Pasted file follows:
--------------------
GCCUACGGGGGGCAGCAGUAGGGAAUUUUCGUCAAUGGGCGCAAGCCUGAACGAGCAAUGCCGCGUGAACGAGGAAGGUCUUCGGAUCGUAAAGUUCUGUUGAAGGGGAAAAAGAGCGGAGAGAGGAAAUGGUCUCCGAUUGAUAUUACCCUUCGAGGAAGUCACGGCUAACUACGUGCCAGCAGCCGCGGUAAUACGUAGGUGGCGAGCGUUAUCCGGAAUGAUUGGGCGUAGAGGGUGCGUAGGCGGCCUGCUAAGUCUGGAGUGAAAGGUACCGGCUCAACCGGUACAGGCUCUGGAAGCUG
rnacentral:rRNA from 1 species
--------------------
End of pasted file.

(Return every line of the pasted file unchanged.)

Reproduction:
GCCUACGGGGGGCAGCAGUAGGGAAUUUUCGUCAAUGGGCGCAAGCCUGAACGAGCAAUGCCGCGUGAACGAGGAAGGUCUUCGGAUCGUAAAGUUCUGUUGAAGGGGAAAAAGAGCGGAGAGAGGAAAUGGUCUCCGAUUGAUAUUACCCUUCGAGGAAGUCACGGCUAACUACGUGCCAGCAGCCGCGGUAAUACGUAGGUGGCGAGCGUUAUCCGGAAUGAUUGGGCGUAGAGGGUGCGUAGGCGGCCUGCUAAGUCUGGAGUGAAAGGUACCGGCUCAACCGGUACAGGCUCUGGAAGCUG
rnacentral:rRNA from 1 species